I grew up in our ancestral house in Laguna. At the back of our kitchen was a backyard with a big carport and yard. Each day, trucks would come in with a load of fish and shellfish.
My grandmother was a “consignitaria,” one of the layers in the daily trading of fish. The truckloads would come in when I was asleep, from Lucena, Pagbilao, and even from the railroad tracks where the PNR brought “banyeras” of fish from Camarines Sur. There was also a Chinese “viajero” I fondly called Ah-Lim who brought in fish from Navotas, and bangus from elsewhere. Each time he collected the week’s “cuenta” from my lola, he would bring me hopia or lychees or some other Binondo “pasalubong.”
All these produce were delivered on a weekly credit, and in those times when bank remittances were unheard of, everything was paid for in cash, and the “cuenta” recorded in small notebooks.
My lola, in turn would have the banyeras brought to the San Pablo City market, and from there, another layer of smaller traders would bring the fish to Rizal, Nagcarlan, Alaminos, and Calauan, or even Dolores and Tiaong in neighboring Quezon.
All these were on short-term credit. The stall-holders in the San Pablo market would get their wares on consignment, hence the appellation “consignacion” or “consignitaria.” By mid-afternoon—wet-markets closed before noon—the “tinderas” would come to the house and pay my lola for the day’s consigned fish.
I grew up understanding the workings of the “market” this very practical way, and later in school, then in business.
I could not for the life of me grasp why once upon a time, in the reign of Tita Cory, my friend Oscar Orbos, once her executive secretary, opened up Malacañang as the “people’s palace” and sold “galunggong,” then the poor man’s fish right in the grounds fronting Mabini Hall.
“Optics” the not-so-beau-geste is called these days, or “PR”, which is really abbreviating propaganda. “GG” had reached the unthinkable heights of P60 per kilo then, at the time pork was P90 and chicken P75.
As usual, the “greedy and unconscionable” traders were blamed for the high price of GG. I asked my then-almost-80 year-old lola, retired from business and whiling her time with mahjong in the ancestral house, about the economics of high-priced GG.
She advised me to go to the Navotas fish port, which is the biggest fish port in the country (then and now), and where the biggest haul of GG is traded each day, much like tuna in Tsukiji Fish Market in Tokyo.
I came out of Navotas realizing that one cannot in fact bring fish to the daily table of every consumer if the middle layers in the marketing of produce were, as media often advocate, “eliminated.”
But that’s another lesson in practical economics for the time I decide to go back to teaching. The lesson learned and will always be learned is the law of supply and demand, stupid.
I read a report from our paper last Friday entitled “OMGG, Phil seen buying back its own fish!,” and then quotes the BFAR director and DA Undersecretary Eduardo Gongona, who said that “what we will import could come from us too since the fish may have escaped and migrated” and prescribed [what] ‘‘we can do is not to allow our fish, particularly our galunggong to migrate…”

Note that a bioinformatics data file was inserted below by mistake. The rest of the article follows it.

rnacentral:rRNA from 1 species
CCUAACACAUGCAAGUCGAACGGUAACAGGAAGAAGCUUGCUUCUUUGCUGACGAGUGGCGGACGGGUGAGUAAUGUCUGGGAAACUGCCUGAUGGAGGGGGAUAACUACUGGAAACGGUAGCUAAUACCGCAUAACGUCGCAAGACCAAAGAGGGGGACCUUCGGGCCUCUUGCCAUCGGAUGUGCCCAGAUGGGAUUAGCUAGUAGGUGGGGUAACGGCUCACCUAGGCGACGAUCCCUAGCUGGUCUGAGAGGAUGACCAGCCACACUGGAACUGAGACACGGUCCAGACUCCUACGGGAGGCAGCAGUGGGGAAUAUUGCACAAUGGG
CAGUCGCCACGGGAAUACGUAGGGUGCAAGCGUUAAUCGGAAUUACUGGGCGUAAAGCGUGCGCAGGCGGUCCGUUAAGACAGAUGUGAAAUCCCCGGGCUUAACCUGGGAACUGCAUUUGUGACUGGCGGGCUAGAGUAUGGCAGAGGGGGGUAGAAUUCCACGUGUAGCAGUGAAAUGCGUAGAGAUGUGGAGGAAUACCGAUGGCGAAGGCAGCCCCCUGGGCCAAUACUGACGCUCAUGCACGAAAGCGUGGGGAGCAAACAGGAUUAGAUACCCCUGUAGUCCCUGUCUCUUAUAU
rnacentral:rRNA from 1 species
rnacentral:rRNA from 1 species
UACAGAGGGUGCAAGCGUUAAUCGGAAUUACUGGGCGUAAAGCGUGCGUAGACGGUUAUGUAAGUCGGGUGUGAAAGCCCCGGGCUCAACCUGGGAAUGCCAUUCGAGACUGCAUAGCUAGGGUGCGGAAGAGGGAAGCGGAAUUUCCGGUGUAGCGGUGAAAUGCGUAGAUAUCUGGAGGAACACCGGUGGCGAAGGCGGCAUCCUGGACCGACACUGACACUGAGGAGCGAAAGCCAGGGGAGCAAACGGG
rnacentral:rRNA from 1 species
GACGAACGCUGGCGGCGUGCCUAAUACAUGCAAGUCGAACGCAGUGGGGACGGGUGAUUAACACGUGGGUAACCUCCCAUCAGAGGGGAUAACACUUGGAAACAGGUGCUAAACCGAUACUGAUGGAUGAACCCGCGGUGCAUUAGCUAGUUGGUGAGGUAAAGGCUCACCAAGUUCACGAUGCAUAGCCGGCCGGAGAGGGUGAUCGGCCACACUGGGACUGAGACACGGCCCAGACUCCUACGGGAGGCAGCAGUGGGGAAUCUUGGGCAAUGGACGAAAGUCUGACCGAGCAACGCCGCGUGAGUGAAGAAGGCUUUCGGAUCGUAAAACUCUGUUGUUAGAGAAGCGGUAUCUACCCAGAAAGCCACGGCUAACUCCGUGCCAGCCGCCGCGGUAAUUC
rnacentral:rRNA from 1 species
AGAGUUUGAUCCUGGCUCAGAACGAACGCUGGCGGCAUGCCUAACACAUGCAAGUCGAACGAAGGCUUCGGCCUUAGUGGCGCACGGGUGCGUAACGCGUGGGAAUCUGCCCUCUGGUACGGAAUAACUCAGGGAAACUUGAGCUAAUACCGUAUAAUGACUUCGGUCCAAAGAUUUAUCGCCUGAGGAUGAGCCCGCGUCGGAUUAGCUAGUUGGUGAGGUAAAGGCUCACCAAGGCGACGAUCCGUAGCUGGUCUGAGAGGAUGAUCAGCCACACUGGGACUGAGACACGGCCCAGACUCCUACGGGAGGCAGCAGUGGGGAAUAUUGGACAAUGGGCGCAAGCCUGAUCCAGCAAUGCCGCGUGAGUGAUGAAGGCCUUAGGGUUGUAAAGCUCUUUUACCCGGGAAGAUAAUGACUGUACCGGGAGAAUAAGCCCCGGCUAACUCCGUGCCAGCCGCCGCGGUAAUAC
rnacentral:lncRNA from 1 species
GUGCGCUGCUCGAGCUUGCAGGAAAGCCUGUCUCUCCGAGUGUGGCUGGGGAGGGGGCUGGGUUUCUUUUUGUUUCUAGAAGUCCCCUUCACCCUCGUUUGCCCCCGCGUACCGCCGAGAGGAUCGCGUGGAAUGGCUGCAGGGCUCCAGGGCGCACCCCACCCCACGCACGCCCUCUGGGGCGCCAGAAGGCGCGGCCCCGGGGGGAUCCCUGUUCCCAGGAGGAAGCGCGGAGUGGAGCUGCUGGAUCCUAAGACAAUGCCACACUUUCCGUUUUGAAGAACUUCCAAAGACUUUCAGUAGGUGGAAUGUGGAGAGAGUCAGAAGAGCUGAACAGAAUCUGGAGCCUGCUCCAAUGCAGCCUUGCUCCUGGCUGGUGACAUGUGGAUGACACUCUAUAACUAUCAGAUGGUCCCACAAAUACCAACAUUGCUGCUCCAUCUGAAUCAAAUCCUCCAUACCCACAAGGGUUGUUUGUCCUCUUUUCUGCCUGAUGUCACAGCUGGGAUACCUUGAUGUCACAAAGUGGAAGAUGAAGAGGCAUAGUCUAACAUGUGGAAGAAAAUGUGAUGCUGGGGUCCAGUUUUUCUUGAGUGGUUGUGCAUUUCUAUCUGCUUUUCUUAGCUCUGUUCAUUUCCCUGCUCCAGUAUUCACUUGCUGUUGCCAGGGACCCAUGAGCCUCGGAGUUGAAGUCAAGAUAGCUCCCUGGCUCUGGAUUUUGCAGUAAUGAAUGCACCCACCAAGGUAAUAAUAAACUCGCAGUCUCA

OMGG indeed! Further this writer will comment naught.
* * *
And then this brouhaha about “bukbok” in NFA rice that supposedly could not be unloaded from the vessels that brought the Viet and Thai imports due to persistent bad weather.
The shipping time from Ho Chi Minh to our WPS seaports is not that long for “bukbok” to infest “good” rice. That is, if “good” rice was bought.
The NFA names the pre-shipment inspectors who check the quality of the rice before it is loaded in the docks of the long Mekong River and certify that the shipment/s are according to the specification of the buyer.
In my time, I nominated SGS, the international Swiss-based pre-inspection firm. There are also other reputable inspecting firms like Bureau Veritas, Cotecna of France, Omni of Japan. Which of these inspected the shipments before they were loaded to vessels en route to our ports? Or did we nominate some other less-than-reputable firm?
Now the imported rice will be fumigated to rid it of “bukbok” because government cannot possibly allow even the poorest of the poor to eat weevil-laced 25-percent broken inferior rice.
Decades back, Bulog in Indonesia (their NFA) had a similar problem with 25-percent broken rice, and the natives almost broke up in revolt. I am sure our athletes now in Jakarta, if they ever tried eating in “cheap” food stalls, wondered why the rice is so good, and so fragrant. Even their carinderias serve 15-percent broken, minimum standard.
In 2010, NFA had a similar weevil problem in its warehouses, because we had rice that were stocked back to 2008. TV cameras also panned on our Valenzuela warehouse, and fumigation rid the rice of pests. That was the time we were “swimming in rice” from unabated huge imports from Vietnam that PNoy decried in his primera SONA.
But now we have freshly imported rice from the same country sources. Wala na ngang murang bigas, may bukbok pa.
* * *
It is almost harvest time in Central Luzon. By this time, any middleman with the smallest of brains would have figured out the supply conditions, that is, the expected harvest of the staple grain, after floods and other weather disturbances.
Why is the average palay farm-gate buying price, as the Philippine Statistics Authority puts it, an all-time high of P22.10 per kilo? And that is the national average, because in Nueva Ecija, it is P27, even higher, depending on quality.
Multiply the palay buying price ex-farm by two, and you get your “minimum” selling price of well-milled rice.
Again, go back to Economics 101 and the law of supply and demand.